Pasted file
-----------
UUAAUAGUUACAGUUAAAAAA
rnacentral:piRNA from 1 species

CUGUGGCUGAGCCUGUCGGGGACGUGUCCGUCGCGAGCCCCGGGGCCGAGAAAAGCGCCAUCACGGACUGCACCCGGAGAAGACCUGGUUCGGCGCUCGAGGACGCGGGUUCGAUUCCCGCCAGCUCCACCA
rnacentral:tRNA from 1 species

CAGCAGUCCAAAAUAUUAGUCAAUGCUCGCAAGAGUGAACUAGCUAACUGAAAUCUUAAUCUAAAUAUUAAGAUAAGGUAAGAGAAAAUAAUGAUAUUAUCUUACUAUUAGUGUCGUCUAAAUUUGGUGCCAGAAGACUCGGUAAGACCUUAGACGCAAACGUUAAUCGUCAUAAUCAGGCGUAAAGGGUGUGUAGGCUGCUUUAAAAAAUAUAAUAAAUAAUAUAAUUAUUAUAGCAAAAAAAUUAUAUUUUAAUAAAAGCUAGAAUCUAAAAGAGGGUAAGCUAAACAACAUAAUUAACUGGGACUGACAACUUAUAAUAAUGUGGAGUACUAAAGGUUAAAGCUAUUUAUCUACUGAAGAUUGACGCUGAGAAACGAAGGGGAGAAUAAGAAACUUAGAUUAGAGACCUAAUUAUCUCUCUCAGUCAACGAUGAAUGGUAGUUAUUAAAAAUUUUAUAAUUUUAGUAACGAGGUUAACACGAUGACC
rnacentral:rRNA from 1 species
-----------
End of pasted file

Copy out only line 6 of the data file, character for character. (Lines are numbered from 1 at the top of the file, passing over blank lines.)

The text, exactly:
rnacentral:rRNA from 1 species